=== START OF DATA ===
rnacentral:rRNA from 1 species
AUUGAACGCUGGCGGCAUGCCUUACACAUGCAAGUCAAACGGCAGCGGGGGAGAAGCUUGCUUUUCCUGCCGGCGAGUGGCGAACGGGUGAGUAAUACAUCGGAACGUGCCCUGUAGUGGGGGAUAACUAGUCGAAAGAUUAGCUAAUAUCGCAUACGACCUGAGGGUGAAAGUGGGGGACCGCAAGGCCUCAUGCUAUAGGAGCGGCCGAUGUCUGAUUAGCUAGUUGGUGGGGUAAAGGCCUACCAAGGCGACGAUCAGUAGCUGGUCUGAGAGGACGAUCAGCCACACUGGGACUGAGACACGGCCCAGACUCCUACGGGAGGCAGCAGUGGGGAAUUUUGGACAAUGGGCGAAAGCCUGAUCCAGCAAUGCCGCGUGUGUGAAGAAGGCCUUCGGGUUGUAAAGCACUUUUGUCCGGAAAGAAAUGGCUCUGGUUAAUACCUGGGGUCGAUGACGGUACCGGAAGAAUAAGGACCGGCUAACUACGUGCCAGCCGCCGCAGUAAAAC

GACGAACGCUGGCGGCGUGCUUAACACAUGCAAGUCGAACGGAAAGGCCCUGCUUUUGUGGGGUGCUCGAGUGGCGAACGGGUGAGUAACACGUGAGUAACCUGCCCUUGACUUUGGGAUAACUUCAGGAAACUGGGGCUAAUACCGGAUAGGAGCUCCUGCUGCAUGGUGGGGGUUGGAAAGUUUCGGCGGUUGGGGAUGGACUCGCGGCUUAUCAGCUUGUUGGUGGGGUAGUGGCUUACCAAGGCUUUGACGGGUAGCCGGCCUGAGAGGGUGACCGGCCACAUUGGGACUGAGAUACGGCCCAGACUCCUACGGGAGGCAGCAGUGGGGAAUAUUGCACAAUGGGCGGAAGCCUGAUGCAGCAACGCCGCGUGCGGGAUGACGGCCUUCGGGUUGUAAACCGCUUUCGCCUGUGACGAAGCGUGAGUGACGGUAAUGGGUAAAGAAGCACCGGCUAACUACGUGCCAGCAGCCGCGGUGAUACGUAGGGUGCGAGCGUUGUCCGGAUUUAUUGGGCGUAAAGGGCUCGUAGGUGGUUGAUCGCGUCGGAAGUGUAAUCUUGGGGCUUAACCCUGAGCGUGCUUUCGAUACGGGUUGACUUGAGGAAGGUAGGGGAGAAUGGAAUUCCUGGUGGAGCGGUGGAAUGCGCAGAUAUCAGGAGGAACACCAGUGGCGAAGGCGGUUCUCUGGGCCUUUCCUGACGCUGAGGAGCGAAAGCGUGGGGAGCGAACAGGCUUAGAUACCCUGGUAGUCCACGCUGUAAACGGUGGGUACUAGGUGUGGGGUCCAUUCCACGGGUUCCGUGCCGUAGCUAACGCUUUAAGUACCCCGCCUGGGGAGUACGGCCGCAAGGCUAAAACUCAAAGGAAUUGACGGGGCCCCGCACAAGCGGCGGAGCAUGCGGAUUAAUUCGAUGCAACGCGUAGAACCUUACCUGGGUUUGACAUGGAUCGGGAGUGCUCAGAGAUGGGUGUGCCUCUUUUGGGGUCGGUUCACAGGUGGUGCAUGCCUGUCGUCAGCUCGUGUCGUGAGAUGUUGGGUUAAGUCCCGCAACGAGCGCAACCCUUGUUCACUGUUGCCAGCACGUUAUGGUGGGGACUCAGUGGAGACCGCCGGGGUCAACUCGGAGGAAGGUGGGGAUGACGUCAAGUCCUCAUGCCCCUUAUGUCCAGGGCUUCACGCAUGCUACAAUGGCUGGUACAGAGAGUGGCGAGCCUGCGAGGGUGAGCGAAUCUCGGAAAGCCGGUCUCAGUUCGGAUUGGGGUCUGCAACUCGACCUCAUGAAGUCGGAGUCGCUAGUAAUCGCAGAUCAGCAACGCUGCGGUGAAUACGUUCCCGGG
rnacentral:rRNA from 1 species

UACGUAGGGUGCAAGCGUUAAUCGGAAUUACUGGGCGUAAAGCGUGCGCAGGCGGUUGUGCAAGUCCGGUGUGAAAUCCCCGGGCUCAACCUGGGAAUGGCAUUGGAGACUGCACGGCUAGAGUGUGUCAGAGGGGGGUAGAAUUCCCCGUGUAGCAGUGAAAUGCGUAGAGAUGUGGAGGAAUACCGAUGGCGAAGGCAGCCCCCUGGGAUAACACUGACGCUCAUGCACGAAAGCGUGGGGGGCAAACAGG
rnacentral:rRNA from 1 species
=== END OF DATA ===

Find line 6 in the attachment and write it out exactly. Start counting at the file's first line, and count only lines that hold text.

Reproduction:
rnacentral:rRNA from 1 species